Small energy savings delivered by often overlooked components can deliver large cumulative benefits.
Andy Lucas explains.
Local authorities which are building schools under the government’s Building Schools for the Future (BSF) programme are incorporating sophisticated building management systems (BMS) and other new technologies into their projects to achieve savings in energy use and CO2 emissions.
These systems can deliver impressive efficiency benefits. Some new school developments, however, are improving even on these results by adopting a design approach which includes attention to detail in specifying individual system components. Designers on these projects are demanding that things such as HVAC valves should be lighter in weight, more compact in order to save on space and to have a higher degree of accuracy in order to minimise energy usage.
Manufacturers such as Crane Fluid Systems – a brand of Crane Building Services & Utilities – are rising to the challenge with value-engineered products designed to maximise energy efficiency.
One school currently under construction adopting such a detailed design approach is Bideford College which Devon County Council is showcasing as a national demonstrator in BSF. Phase one of the new college is due to be complete in July 2010. The ambition is to make the school exceed the requirements for the award of a nationally recognised accreditation for reduced heating, energy and water consumption set out in the government’s guidelines entitled Sustainable Schools – For Pupils, Communities and the Environment. Devon County Council is trying to make the new £44 million college as close as possible to being a carbon neutral site using cutting edge environmental and ecological systems to reduce CO2 emissions.
The college will have bio-mass boilers burning woodchip rather than gas (with gas boilers installed as a backup), solar heating and a rain-water recycling system for use in flushing WCs. The naturally ventilated building will be managed in zones. All the systems will be controlled by a sophisticated BMS which will monitor heat gains and cooling and operate additional mechanical heating and cooling systems accordingly.
Devon County Council developed the BMS system with NPS South West property consultants. The system specified by NPS is being installed by electrical and mechanical engineers MITIE. The regulating and commissioning valves, check valves, ball valves and strainers for the HVAC system have been supplied by Crane Fluid Systems via its distributor in the South West, BSS.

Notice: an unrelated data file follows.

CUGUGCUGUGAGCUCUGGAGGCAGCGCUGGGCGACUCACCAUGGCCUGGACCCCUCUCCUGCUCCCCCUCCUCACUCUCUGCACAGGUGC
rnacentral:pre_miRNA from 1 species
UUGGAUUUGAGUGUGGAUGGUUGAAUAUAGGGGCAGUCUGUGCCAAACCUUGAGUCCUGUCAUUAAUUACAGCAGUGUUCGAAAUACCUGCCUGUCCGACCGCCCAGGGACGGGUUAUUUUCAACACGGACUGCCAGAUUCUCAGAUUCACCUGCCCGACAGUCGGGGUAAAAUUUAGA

Cumulative energy savings
The heating and cooling elements of the HVAC system work at maximum efficiency when operating as close as possible to their design parameters – which requires the valves controlling the fluid flow to deliver precisely the right amount of hot or cold water. Static valves from Crane’s Pro-Balance range have therefore been specified at Bideford College to control the flow of water around the heating and cooling systems. They will be used to balance the systems and measure flow with an accuracy of +/- 5 per cent. Performing to standards identified by CIBSE and BSRIA, the valves will enable the systems to manage flows at maximum efficiency.
Keith Dixon, senior mechanical engineer with NPS, said: “Commissioning valves from Crane Fluid Systems allow us to accurately regulate and balance flow rates in the system. They help the system to perform consistently to optimise performance and thereby create significant energy savings.”
The biggest energy load in a HVAC system, of course, is the heating and cooling itself. However, the pumps driving water circulation are also significant consumers of energy – even variable speed pumps controlled by a BMS which match power consumption to the flow required. Further small but significant energy savings can be delivered by specifying low loss regulating valves and ball valves (used to isolate sections of the system for maintenance and other purposes) where the bore diameter is the same as the internal pipe diameter. Minimising the pressure drop across these valves minimises pumping losses. Correctly specified, these components can make a significant cumulative contribution to energy efficiency.
Designers at Bideford College have selected components from Crane Fluid Systems in order to achieve these benefits.
The HVAC components need to be more than just efficient, of course. Easy installation and maintenance and a high level of quality are also required. Crane Pro-Balance valves have been designed to give fast and effective commissioning. Their fixed orifice technology – incorporating flow measurement and regulation into a single unit – reduces the number of on-site connections which need to be made, cutting the costs of installation. They can be used in any orientation without any change in performance.
Keith Dixon of NPS added: “Crane Fluid Systems was selected to supply isolating and commissioning valves for Bideford College because it has a large range of quality commissioning valves which are preferred for their weight and space-saving. “
Devon County Council has traditionally used Crane valves as they are good, reliable products.
Carefully specifying the right HVAC hardware at the design stage – and then working with contractors to ensure that the specifications are translated into installations, not amended in pursuit of short-term cost savings – can deliver real additional benefits when striving to achieve sustainability in new school buildings.
Andy Lucas is Product Manager for Crane Building Services
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